Zell am See Ski Resort

The pretty lakeside town of Zell am See has access to three varied mountains and plays host to a range of off-slope activities – it is therefore no surprise that this resort is such a favourite with Ski Club members.

The Skiing in Zell am See is perfect for beginners and intermediates, with some terrain suitable for more advanced skiers. Maiskogel’s locals’ hill, the incredibly snowsure Kitzsteinhorn glacier at Kaprun and the vast network of intermediate cruising at Saalbach – to which is will soon be linked to – are only a bus ride away, so there’s plenty of ski area to explore outside of Zell am See too. It’s no wonder the Ski Club Freshtracks holiday to Zell sold out months in advance! 

Zell am See has a great reputation for its alpine charm with a modern skiing twist. Its location near the picturesque Lake Zell and the historic architecture make it an attractive base and a draw for non-skiers too. The dominating mountain of Schmittenhöhe overlooks the village and offers stunning views of the lake and towering glacial peaks surrounding the area.

The Ski Club Leader Service in Zell am See is one of the most popular at the Ski Club and has many members coming back year on year – we’ll be in resort this year from 5th January until 30th March.

Our Zell am See Facebook Page is also one of the most active, possessing almost 300 members, all of whom will be happy to help if you have a question or need some information.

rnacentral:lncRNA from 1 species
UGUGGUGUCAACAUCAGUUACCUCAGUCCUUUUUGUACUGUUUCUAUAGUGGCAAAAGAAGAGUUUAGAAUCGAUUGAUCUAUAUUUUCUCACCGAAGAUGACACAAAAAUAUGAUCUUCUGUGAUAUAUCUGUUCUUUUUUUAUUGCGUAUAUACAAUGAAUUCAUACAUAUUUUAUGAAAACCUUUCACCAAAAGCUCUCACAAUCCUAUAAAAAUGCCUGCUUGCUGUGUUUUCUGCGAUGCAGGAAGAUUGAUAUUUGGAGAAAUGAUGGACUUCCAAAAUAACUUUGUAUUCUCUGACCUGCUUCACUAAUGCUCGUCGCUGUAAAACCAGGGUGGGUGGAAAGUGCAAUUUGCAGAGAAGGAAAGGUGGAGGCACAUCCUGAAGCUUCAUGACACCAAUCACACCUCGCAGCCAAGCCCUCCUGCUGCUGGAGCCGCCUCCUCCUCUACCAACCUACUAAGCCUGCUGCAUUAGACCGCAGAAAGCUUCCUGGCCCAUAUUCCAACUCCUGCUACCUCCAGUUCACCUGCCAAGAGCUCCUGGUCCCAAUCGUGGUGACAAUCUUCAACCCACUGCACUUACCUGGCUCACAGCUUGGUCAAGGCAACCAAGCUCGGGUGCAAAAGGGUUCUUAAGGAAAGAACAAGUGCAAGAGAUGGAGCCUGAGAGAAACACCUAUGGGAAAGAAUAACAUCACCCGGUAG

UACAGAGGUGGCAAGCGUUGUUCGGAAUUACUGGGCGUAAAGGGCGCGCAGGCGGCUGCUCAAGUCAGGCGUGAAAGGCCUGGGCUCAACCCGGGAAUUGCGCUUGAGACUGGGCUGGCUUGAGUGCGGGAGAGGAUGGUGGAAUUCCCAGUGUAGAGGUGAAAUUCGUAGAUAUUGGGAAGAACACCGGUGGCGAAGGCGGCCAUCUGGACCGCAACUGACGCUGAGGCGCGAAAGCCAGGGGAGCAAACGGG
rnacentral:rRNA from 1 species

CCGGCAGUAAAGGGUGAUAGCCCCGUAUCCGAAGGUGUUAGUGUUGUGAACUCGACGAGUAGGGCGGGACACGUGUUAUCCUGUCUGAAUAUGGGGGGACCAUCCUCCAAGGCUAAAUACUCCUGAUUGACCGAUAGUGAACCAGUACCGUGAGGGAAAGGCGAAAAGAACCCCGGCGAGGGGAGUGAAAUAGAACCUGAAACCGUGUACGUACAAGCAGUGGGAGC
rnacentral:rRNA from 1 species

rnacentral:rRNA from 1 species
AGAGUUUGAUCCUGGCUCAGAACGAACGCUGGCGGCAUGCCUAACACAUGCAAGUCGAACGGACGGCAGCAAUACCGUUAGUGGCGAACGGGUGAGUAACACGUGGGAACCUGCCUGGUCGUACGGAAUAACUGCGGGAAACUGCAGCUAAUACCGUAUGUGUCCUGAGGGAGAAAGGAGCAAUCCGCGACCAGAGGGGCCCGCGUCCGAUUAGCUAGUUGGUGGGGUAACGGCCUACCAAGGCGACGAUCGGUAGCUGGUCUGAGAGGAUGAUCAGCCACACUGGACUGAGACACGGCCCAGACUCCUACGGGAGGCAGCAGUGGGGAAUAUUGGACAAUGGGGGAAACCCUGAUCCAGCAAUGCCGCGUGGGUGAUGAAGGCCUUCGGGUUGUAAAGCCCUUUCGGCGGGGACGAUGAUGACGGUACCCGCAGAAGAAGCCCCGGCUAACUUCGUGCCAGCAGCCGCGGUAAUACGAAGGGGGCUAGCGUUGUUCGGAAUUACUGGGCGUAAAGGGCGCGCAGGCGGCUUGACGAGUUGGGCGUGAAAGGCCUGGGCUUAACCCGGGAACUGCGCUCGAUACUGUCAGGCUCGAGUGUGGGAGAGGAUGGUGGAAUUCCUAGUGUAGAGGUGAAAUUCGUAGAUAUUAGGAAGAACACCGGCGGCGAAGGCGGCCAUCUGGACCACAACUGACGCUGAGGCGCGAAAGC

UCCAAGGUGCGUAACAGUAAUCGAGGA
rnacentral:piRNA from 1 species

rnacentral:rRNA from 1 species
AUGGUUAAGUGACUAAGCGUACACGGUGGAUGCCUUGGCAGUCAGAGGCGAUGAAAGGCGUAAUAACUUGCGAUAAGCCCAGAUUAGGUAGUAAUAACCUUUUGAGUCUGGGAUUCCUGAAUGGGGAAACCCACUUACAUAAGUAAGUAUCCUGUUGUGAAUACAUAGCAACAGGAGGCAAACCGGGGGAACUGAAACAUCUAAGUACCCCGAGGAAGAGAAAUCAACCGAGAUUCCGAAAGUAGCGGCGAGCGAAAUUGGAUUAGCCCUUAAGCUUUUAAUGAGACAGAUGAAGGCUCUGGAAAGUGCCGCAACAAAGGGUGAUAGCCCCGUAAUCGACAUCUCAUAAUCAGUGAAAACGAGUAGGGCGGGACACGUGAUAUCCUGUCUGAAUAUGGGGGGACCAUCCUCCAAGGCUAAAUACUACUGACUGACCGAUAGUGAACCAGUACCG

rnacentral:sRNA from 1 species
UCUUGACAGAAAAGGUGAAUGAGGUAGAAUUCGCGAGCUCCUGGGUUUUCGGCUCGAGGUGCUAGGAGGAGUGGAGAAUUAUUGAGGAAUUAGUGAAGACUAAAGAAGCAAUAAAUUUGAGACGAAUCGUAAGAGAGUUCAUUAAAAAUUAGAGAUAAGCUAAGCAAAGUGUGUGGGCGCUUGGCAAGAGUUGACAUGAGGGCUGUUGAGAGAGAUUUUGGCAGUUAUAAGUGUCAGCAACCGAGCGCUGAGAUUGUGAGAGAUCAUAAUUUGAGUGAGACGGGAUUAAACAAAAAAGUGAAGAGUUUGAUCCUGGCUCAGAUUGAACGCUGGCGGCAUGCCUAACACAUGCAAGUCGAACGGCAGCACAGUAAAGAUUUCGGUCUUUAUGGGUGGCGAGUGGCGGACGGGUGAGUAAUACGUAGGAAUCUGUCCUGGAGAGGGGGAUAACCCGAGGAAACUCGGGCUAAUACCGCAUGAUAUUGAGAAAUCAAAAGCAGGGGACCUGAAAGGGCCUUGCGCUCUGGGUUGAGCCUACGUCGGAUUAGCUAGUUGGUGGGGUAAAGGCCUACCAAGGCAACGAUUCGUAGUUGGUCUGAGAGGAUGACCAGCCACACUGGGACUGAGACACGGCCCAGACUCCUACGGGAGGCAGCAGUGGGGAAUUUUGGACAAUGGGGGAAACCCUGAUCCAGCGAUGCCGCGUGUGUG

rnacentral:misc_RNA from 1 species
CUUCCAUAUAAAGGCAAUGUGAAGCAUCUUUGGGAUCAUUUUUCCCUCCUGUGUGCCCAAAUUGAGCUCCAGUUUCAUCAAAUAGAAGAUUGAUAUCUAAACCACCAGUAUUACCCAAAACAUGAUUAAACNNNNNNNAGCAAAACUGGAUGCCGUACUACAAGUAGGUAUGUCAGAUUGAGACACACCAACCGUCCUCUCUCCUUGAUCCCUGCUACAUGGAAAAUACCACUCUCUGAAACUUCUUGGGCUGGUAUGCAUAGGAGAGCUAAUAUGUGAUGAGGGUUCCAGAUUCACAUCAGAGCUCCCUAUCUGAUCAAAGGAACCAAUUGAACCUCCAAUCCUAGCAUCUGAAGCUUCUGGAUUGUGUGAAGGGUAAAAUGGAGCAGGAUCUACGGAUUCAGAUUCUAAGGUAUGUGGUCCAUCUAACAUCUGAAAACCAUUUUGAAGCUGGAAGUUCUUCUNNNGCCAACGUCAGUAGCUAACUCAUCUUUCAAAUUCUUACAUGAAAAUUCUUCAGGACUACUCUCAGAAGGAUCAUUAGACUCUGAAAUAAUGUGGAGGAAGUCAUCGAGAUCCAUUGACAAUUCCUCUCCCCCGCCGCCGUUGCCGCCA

Our Zell am See Resort Ratings

  • Beginner ★ ★ ★ ★ ☆
  • Intermediate ★ ★ ★ ★ ☆
  • Advanced ★ ☆ ☆ ☆ ☆
  • Snow Reliability ★ ★ ☆ ☆☆
  • Fast Lifts ★ ★ ★ ★ ☆ 
  • Resort Activities ★ ★ ★ ★ ☆
  • Après ★ ★ ☆ ☆ ☆
  • Value ★ ★ ★ ★ ☆
Pros

Varied, wooded slopes with beautiful views down to the lake

Impressive lift system with more to come

Pretty town and loads to do off the slopes

Snowsure glacier skiing on the Kitzsteinhorn is included

Cons

Snow can suffer due to sun and low altitude, but snowmaking helps

Local slopes limited so need to travel to other areas

Few challenges for advanced/expert skiers

Can be morning queues for lifts

Zell am See Skiing

The terrain is mostly suitable for beginner and intermediate level skiers but there are a few reds and blacks suitable for more advanced skiers, several of which drop down all the way from the summit. On most parts of the mountain you get glorious mountain views over the lake. In good snow there is some good off piste, but the thickly wooded slopes limit the options somewhat.

  • Total Pistes: 77km (138km including Maiskogel & Kitzsteinhorn)
  • Blue: 39%
  • Red: 36%
  • Black: 25%
  • Additional Ski Routes: 8km
  • Lifts: 27 (47 including Maiskogel & Kitzsteinhorn)
  • Altitude: 760m – 2000m

For Beginners

There are two low-level beginner areas near Zell – at Schüttdorf and Schmittental, both of which are good places to start out. From here the Glocknerbahn 8-seater chairlift gives access to the gentle Kids Slope and progression to longer blues is fantastic – head up the Areitbahn or lap the Breiteckbahn.

For Intermediates

The Schmittenhöhe mountain is ideal for intermediates and most of the hill is accessible. A long red down to the ZellamseeXpress is a great addition to the piste map and the reds around Sonnkogel and Hochmais are always popular. Intermediates keen to get some miles under their belt should pay a visit to the Kitzsteinhorn Glacier, especially on a sunny day, and most of Saalbach is ideal for intermediate skiers.

For Advanced/Expert